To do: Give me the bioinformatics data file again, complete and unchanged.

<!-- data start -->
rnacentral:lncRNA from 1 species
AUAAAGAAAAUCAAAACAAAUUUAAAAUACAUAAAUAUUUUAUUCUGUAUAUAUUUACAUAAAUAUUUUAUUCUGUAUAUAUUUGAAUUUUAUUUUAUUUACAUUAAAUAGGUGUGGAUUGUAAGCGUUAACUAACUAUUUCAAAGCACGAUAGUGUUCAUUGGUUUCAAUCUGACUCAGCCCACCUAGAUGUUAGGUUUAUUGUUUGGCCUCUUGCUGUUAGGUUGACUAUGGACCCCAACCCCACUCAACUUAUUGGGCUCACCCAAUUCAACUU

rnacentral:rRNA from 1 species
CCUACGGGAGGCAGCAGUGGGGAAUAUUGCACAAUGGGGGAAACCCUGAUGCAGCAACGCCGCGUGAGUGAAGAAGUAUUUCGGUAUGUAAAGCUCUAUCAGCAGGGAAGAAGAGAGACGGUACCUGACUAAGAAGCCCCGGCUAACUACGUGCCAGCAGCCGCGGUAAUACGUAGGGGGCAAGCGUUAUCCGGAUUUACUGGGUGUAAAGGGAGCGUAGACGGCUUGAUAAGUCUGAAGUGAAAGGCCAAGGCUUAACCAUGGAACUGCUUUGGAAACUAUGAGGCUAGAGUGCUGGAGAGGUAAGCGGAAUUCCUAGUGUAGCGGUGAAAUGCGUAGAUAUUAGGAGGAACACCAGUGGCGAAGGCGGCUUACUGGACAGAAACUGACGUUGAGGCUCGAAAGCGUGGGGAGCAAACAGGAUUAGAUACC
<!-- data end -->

rnacentral:lncRNA from 1 species
AUAAAGAAAAUCAAAACAAAUUUAAAAUACAUAAAUAUUUUAUUCUGUAUAUAUUUACAUAAAUAUUUUAUUCUGUAUAUAUUUGAAUUUUAUUUUAUUUACAUUAAAUAGGUGUGGAUUGUAAGCGUUAACUAACUAUUUCAAAGCACGAUAGUGUUCAUUGGUUUCAAUCUGACUCAGCCCACCUAGAUGUUAGGUUUAUUGUUUGGCCUCUUGCUGUUAGGUUGACUAUGGACCCCAACCCCACUCAACUUAUUGGGCUCACCCAAUUCAACUU

rnacentral:rRNA from 1 species
CCUACGGGAGGCAGCAGUGGGGAAUAUUGCACAAUGGGGGAAACCCUGAUGCAGCAACGCCGCGUGAGUGAAGAAGUAUUUCGGUAUGUAAAGCUCUAUCAGCAGGGAAGAAGAGAGACGGUACCUGACUAAGAAGCCCCGGCUAACUACGUGCCAGCAGCCGCGGUAAUACGUAGGGGGCAAGCGUUAUCCGGAUUUACUGGGUGUAAAGGGAGCGUAGACGGCUUGAUAAGUCUGAAGUGAAAGGCCAAGGCUUAACCAUGGAACUGCUUUGGAAACUAUGAGGCUAGAGUGCUGGAGAGGUAAGCGGAAUUCCUAGUGUAGCGGUGAAAUGCGUAGAUAUUAGGAGGAACACCAGUGGCGAAGGCGGCUUACUGGACAGAAACUGACGUUGAGGCUCGAAAGCGUGGGGAGCAAACAGGAUUAGAUACC